Bitter Java

Overview

Intended for intermediate Java programmers, analysts, and architects, this guide is a comprehensive analysis of common server-side Java programming traps (called anti-patterns) and their causes and resolutions. Based on a highly successful software conference presentation, this book is grounded on the premise that software programmers enjoy learning not from successful techniques and design patterns, but from bad programs, designs, and war stories — bitter examples. These educational techniques of graphically ...

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Overview

Intended for intermediate Java programmers, analysts, and architects, this guide is a comprehensive analysis of common server-side Java programming traps (called anti-patterns) and their causes and resolutions. Based on a highly successful software conference presentation, this book is grounded on the premise that software programmers enjoy learning not from successful techniques and design patterns, but from bad programs, designs, and war stories — bitter examples. These educational techniques of graphically illustrating good programming practices through negative designs and anti-patterns also have one added benefit: they are fun.

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Editorial Reviews

Wisconsin Bookwatch
A superbly presented guide...an essential, core addition to the Java user's reference shelf collection.
Today's Books
!!!! Exceptional.
JavaPro Magazine
...does a great job of articulating a philosophical foundation on which good architects and programmers can build....you'll wonder why more books couldn't be this good.
CVu the Journal of the ACCU
At last we have a book that tackles the problems rather than pretending there are none.
Compunotes.com
Save big bucks by reading this book instead of hiring a consultant.
SitePoint Tech Times
Will leave you with an instinctive sense for the antipatterns that you'll face in your future projects, so you can keep your Java brewing smooth and sweet.
VisualBuilder.com
Packed with useful design tips and techniques for the serious Java server-side developer. . . . you will want to read it many times.
From The Critics
Summarizing the lessons of common programming mistakes, this guide to Java describes the common difficulties, offers troubleshooting tips, and illustrates both with sample code. Focusing on server-side Java programming mistakes, it covers antipatterns for base Java and J2EE concepts like servlets, JSPs, EJBs, enterprise connection models, and scalability. An appendix feature cross-references of antipatterns. Tate is a programmer and Internet architect. Annotation c. Book News, Inc., Portland, OR (booknews.com)
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Product Details

  • ISBN-13: 9781930110434
  • Publisher: Manning Publications Company
  • Publication date: 4/1/2002
  • Pages: 368
  • Product dimensions: 7.42 (w) x 9.26 (h) x 0.80 (d)

Meet the Author

Bruce Tate is an Internet architect who developed the bitter Java concept after seeing a set of customer problems repeated, collecting their stories, and publishing the solutions. He is the author of "Bitter Java," He lives in Austin, Texas. Mike Clark is president of Clarkware Consulting, Inc. He first encountered EJB pitfalls in 1998 while developing a custom EJB container, prior to the emergence of commercial J2EE servers. He has significantly contributed to the successful delivery of a popular J2EE performance management product and has also created several open source tools including JUnitPerf for automated performance testing. He lives in Parker, Colorado. Bob Lee is an OCI consultant with expertise in AOP, Jini, and web security. He developed an open source AOP framework that utilizes runtime bytecode engineering to intercept method invocations on POJOs and forms the foundation of JBoss AOP. He lives in St. Louis, Missouri. Patrick Linskey is the vice president of engineering for SolarMetric, a company that offers Java persistence alternatives to the Java community. His experience spans EJB application development and product development, and he is a teacher and speaker on the Java conference circuit. He lives in Washington, D.C.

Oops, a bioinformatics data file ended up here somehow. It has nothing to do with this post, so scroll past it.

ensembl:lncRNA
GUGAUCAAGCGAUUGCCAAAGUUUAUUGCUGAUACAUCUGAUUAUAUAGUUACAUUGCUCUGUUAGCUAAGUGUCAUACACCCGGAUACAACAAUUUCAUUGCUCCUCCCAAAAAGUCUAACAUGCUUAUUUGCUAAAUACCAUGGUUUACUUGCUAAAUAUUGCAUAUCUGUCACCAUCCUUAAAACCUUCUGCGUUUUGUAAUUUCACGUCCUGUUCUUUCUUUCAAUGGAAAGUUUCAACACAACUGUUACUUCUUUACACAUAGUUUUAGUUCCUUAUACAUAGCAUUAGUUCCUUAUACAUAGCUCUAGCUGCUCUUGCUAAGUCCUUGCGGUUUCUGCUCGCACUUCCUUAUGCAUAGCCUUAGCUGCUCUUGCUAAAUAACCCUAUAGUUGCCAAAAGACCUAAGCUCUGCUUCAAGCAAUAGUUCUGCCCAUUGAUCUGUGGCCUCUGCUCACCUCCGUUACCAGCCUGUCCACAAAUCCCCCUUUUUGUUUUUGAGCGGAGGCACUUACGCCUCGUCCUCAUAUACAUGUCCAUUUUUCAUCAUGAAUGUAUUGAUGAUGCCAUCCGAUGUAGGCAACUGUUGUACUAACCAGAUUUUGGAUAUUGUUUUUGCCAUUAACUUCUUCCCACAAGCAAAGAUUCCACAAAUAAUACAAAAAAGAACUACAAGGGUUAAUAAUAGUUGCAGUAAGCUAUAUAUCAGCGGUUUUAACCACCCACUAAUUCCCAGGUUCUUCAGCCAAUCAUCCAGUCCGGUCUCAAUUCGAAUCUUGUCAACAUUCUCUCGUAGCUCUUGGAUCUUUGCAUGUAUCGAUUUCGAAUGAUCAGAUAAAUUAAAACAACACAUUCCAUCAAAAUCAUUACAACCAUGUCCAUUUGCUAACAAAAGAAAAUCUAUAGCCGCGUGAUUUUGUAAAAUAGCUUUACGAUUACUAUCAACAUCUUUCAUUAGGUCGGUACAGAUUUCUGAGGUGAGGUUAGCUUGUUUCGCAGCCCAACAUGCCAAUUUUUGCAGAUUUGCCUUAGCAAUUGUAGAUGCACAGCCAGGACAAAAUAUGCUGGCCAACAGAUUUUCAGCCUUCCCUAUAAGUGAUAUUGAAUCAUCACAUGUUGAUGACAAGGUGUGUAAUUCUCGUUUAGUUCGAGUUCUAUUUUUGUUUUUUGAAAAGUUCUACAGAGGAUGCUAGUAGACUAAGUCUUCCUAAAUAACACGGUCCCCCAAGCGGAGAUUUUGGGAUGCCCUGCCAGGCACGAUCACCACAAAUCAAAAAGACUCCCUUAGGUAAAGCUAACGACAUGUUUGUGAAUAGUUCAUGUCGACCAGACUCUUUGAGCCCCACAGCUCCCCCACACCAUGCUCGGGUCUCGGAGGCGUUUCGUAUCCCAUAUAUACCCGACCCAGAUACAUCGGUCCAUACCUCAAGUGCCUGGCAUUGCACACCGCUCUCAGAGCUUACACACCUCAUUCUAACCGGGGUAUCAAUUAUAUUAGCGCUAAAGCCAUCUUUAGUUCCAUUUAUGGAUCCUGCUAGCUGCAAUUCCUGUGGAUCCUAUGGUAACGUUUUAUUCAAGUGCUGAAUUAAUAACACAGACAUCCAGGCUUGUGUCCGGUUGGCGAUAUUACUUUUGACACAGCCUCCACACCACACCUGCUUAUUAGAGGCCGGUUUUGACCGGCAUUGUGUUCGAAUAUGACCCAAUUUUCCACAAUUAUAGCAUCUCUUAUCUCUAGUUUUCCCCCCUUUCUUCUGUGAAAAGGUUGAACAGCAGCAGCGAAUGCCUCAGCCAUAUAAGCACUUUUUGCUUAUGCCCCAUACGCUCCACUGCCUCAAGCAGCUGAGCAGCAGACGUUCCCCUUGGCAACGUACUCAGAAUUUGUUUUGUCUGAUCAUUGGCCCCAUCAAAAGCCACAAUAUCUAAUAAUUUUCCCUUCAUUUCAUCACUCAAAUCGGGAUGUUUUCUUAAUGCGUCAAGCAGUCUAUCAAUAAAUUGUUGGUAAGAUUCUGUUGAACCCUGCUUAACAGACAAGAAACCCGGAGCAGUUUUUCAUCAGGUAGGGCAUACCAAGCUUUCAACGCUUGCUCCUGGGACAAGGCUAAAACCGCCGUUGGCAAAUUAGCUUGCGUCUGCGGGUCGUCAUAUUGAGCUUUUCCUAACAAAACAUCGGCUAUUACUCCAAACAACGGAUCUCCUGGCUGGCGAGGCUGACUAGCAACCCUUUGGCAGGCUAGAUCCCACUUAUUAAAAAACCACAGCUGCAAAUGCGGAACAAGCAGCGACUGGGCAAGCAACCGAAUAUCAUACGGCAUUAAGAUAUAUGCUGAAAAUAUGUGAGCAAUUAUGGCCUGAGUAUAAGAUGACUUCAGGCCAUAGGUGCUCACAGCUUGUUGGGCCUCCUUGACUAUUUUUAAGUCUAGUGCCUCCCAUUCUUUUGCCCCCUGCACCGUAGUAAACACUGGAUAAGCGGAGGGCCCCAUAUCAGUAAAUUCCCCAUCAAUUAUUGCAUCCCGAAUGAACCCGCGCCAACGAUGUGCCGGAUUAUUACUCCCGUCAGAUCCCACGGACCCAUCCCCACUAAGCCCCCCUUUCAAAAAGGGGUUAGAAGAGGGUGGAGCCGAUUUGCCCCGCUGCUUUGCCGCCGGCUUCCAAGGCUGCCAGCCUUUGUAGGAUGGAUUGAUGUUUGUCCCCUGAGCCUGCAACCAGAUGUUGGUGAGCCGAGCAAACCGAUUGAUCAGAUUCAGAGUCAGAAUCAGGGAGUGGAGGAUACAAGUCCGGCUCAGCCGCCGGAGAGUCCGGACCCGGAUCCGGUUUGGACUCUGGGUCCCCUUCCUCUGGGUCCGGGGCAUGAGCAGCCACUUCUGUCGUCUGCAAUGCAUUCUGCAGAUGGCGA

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  • Anonymous

    Posted September 13, 2002

    Excellent Next Step For Intermediate Java Developers

    Bitter Java is a book with a mission. Bruce Tate set out to write this book in order to help Java developers entering into the world of J2EE development avoid the most common mistakes made. The book is centerd on the example of creating a BBS, and starts with servlets and continues through all of the possible tiers and pieces of the application. Each chapter has diagrams and code examples which help elucidate the material being presented. All that being said, some of the material is a bit repetitive, as it builds from chapter to chapter. Bruce Tate is sometimes a bit smug in his attitude towards other programming languages, and each chapter begins with a little homily that describes an extreme sport adventure Bruce has "lived" through. Some are fun to read, some could have been done without, but each is chosen to further illustrate the main points of the chapter. All in all, I give this book high marks for the material it presents, and the cogent way in which it was done. Bruce Tate is obviously a smart man, and a capable author, and he has filled a gaping hole in Java knowledge. If you are an intermediate Java developer moving into J2EE development, I highly suggest that you buy this book.

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